Ensuring you are thoroughly prepared for the unknown can turn a potentially disastrous motorcycling trip around.
Here at Wilkin Chapman, we have put together some essential touring tips to revolutionise your ride, helping you to save time, stay organised and have fun.
Before the trip, write a checklist of things you need to take, and be sure to check it through. Though it’ll be individual to each rider, here is a recommended list of general items which may be useful:
Spare motorbike key
Puncture repair kit
Road legal GB/EU stickers
First aid kit
If you decide to take a phone, be sure to update your Medical ID. Available on most smartphones, your Medical ID can be added and edited on Apple’s Health App and Android’s user settings. The brief and often vital information you provide - such as emergency contacts, blood type and prescribed medication - could assist medical professionals quickly and effectively in the case of an emergency. Find out more about it here.
Though your phone can be a lifesaver, as well as making a great camera, map and wallet, it’s important not to rely on it. Take note of the towns you pass, the signs you see and the roads you are on, especially if they’re unknown to you or it’s getting dark. Take a good old-fashioned map and carry a documents wallet with other important paperwork such as your passport, insurance details and hotel reservations – whilst you may not need everything, don’t depend on Google Maps, e-tickets or paperless bookings.
If you are travelling outside of the UK to other countries in Europe, be sure to have relevant insurance such as European Breakdown Cover and European Health Insurance (EHIC). In addition to this, know your speed limits. Avoid rush hour, particularly in cities you aren’t familiar with and travel across them before the traffic hits, whether that means setting off early or extending your evening journey across the city, to bypass the following day’s busiest periods.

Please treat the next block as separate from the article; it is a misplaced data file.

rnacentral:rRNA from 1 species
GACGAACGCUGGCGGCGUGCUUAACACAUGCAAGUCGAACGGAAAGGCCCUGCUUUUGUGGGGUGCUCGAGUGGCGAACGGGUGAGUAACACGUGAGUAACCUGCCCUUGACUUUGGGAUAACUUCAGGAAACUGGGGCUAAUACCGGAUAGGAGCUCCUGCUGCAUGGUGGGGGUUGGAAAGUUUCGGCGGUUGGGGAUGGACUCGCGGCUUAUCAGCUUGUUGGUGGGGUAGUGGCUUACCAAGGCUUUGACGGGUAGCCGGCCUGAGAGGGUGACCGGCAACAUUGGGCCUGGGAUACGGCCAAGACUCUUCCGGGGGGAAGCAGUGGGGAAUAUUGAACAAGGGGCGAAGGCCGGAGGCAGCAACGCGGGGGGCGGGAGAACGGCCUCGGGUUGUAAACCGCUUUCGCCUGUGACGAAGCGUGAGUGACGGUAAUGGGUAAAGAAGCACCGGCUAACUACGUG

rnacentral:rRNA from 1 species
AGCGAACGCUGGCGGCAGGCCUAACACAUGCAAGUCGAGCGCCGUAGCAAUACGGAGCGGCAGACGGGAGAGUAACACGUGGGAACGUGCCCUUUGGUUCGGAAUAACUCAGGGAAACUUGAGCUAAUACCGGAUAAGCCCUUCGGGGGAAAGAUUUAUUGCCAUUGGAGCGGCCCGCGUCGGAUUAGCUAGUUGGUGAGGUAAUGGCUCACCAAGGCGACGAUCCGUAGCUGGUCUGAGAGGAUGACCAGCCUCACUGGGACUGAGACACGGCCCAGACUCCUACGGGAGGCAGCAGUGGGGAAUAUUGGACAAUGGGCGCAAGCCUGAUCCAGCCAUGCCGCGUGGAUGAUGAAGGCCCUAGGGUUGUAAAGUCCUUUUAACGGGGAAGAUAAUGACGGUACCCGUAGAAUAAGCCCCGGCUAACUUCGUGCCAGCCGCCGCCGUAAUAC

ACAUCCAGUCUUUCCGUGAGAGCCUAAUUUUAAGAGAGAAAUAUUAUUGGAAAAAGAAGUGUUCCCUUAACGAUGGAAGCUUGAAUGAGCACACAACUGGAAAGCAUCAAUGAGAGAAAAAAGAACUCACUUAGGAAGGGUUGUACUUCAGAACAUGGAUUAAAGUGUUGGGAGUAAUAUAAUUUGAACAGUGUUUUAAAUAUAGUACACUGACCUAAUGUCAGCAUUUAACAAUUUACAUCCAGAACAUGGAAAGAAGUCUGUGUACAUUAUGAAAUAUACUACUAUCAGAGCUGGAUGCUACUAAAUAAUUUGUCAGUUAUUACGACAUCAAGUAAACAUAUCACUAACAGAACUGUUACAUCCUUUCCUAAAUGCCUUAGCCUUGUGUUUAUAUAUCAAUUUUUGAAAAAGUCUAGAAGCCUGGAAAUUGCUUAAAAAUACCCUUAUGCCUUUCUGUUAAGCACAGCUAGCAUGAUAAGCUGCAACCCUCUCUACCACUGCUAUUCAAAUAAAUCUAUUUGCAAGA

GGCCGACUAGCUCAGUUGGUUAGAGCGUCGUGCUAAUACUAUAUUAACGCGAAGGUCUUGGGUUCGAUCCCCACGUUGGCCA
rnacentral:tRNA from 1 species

Before any trip, give your bike a once over and take a pre-ride maintenance check. Carrying out a couple of quick visual checks - lights and controls, tyres and secured luggage - plus monitoring air pressure and oil level can be really effective in making sure every ride is a comfortable, safe, and secure one. The major differences in preparing your bike for a Sunday afternoon ride and a motorcycle tour are that you’ll be riding further and carrying more weight, so always keep this in mind.
You should expect more wear on the moving components of your bike, such as belts, chains and tyres, but don’t let this stop you from touring. Ensure your tyres are inflated to the highest suggested pressures for additional loads, and if they’re new then wear them in first. Replace your belt if it has met its recommended mileage and make sure your wheels are aligned.
Remember, long runs are good for your bike, especially if it doesn’t get daily exercise; they’re equally as good for you too - so be prepared first, then get out and ride.